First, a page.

Someday, if the situation arises, I hope I'll be like Galen Flynn.
I may not know if I'm capable of it until the moment comes.
Flynn, a Huntington Beach resident who lives a stone's throw from the pier, is not a brave man by trade. The 51-year-old makes tools for Boeing for a living and has no emergency training beyond a few CPR courses. With his long brown hair and sunglasses, he looks more like a beachcomber than a rescuer.
Now, he's helped to save a life. And though he says, in retrospect, that he wouldn't have handled any part of the situation differently, he hardly went in with a coherent plan.
"My dad always told me to pray to be in the right place at the right time," Flynn told me Monday morning next to Ruby's at the end of the Huntington Beach Pier, a location that he will probably never look at casually again.
A week before we met, Flynn and his neighbor were taking their ritual evening walk around the pier when they heard a voice moaning. Flynn, whose ears were plugged from a recent cold, took a moment to react, but he and his neighbor tracked the sound to the pier's concrete piling.
By the surface of the water, barely visible on a moonless night, a fully clothed man was clinging to the piling and calling for help. Flynn couldn't tell the man's weight, but with a rubber life ring just a few steps away, he vowed to use whatever strength he had.
The ring, incidentally, was placed outside Ruby's by the city's lifeguard division for use in emergency situations. Lt. Mike Baumgartner told me the rings occasionally get stolen, and he can't remember the last time a resident used one for its intended purpose, until last week.
Flynn hurled the ring off the pier, and the man let go of the piling and fit his body inside it. Then Flynn set his upper body to work, pulling the man alongside the pier and toward the lifeguard tower. The effort proved easy at first, but when the current kicked in, he felt as though he were towing a car. Eventually, the lifeguards took over and brought the man to paramedics on shore.
As responders filled the area, Flynn and his neighbor went back home. According to Flynn, they didn't see any officials motioning to them or wanting to ask them questions; according to Baumgartner, his group tried to find the Good Samaritans but couldn't locate them. Regardless, the lifeguards confirmed Tuesday that Flynn had left a message with them, and I'm sure they'll meet in due time.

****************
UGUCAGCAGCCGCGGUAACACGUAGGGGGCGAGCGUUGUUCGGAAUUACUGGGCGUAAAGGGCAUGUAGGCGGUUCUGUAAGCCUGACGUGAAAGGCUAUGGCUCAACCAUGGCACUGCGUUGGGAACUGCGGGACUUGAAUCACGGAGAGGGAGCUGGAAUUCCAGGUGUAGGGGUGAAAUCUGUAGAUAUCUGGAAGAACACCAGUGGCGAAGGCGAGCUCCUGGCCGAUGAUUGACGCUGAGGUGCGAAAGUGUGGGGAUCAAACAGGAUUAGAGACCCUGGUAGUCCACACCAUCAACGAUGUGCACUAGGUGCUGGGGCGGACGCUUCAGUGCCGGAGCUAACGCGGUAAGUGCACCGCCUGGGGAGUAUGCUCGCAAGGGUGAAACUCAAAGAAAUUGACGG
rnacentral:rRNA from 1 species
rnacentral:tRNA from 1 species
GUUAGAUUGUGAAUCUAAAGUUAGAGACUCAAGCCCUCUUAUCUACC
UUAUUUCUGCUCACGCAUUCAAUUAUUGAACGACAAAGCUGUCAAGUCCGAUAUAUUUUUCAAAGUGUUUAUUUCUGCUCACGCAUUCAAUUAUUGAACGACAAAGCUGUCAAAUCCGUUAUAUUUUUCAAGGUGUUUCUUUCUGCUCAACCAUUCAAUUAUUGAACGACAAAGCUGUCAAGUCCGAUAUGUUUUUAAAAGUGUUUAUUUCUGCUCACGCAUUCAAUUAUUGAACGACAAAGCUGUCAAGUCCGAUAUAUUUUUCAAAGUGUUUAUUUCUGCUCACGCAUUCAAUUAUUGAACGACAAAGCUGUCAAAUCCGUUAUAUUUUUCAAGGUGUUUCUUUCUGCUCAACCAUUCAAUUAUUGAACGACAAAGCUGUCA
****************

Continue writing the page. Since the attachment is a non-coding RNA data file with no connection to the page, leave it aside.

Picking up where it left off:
So back to the main issue. How many of us would react the way Flynn did in a crisis situation? As I said, it's a nearly impossible question to answer. A few months ago, I took a CPR course in which the instructor drilled us for hours on how to handle an unconscious person — how to approach them, what orders to give bystanders, and so on.
After we went over the steps on paper, he arranged us in groups and told us to handle a simulated situation, with a classmate posing as the limp body on the floor. The instructor said, "Go!" and all of us stood and blinked dumbly, expecting someone else to intervene.
Did we all know what we were supposed to do? Yes, but in the space of a few hours, we had gotten used to carefully ordering the steps in our heads. Those methodical rules don't always translate into a cue for the body to spring into action.
But then, that was a simulation. Suppose the person lying on the carpet had really been an unconscious person in need of help. Would the urgency of the moment have carried us through?
In Flynn's case, it did just that. As his father said, he was in the right place at the right time. And in that place, at that time, he turned out to be the right man for the job.
City Editor MICHAEL MILLER can be reached at (714) 966-4617 or at email@example.com.